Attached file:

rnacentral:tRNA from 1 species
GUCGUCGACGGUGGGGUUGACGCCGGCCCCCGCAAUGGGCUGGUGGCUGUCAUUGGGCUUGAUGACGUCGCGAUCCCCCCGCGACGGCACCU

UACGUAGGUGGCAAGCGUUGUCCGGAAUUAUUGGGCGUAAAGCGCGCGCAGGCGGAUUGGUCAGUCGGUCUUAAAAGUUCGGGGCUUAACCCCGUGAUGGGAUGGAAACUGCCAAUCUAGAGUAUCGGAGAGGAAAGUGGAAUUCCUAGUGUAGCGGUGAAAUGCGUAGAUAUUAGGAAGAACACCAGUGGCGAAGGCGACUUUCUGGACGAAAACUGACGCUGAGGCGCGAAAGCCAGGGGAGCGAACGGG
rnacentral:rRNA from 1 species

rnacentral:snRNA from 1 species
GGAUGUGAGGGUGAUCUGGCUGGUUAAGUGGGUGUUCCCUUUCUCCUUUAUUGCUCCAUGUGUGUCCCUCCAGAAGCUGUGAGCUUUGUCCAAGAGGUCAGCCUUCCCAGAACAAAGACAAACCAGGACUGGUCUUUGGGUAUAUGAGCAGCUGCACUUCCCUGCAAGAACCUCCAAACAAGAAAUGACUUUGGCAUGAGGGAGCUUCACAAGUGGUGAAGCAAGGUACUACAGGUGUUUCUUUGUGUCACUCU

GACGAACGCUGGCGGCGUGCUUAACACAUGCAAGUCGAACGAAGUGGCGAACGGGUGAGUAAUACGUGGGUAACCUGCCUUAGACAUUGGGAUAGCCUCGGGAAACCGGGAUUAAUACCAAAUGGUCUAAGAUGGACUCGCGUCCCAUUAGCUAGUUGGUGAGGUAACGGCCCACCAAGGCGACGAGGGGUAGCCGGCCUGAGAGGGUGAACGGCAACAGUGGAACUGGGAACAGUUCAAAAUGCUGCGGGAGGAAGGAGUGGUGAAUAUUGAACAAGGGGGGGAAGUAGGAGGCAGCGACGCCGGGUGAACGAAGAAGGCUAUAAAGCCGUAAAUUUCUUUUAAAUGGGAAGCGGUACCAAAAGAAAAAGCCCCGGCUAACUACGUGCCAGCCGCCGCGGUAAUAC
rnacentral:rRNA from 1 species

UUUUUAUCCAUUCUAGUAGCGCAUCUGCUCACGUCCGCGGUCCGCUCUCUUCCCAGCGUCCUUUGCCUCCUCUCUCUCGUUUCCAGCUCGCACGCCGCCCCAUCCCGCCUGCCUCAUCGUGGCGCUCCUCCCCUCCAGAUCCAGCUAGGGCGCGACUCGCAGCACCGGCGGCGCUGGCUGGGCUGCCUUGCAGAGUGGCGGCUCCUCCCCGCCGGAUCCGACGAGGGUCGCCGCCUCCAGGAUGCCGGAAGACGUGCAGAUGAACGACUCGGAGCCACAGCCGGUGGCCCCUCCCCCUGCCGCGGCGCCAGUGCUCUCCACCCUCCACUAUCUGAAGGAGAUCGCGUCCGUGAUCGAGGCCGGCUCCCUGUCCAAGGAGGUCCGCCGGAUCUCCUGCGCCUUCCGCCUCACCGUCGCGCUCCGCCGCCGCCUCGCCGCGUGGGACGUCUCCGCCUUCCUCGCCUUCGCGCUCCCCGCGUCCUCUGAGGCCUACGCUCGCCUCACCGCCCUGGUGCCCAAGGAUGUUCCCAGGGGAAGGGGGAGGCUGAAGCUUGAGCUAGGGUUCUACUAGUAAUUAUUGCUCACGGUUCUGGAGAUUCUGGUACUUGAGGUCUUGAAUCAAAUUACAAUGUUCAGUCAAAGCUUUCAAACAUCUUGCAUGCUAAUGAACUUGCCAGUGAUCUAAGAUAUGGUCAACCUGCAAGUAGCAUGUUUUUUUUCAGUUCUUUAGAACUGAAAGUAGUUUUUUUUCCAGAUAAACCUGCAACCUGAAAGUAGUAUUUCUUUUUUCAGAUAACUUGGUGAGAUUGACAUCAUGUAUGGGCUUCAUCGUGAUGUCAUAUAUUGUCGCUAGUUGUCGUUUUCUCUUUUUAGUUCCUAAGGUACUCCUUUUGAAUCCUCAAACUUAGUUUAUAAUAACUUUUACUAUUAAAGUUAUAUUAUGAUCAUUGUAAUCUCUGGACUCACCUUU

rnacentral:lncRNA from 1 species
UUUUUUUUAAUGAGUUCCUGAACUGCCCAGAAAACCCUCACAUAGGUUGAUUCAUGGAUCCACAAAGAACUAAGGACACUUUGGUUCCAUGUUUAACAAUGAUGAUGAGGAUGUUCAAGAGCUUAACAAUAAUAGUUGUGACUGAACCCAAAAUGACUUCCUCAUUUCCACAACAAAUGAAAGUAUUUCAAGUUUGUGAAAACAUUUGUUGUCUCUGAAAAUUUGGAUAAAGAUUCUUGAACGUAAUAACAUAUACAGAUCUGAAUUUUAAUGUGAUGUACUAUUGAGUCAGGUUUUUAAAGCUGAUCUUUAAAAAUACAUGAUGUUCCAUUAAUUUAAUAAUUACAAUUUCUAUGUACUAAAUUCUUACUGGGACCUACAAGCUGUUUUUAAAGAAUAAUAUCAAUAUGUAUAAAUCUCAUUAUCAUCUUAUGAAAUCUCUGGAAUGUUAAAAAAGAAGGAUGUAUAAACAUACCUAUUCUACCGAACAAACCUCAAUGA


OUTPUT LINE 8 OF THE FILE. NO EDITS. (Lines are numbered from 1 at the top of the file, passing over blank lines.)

rnacentral:rRNA from 1 species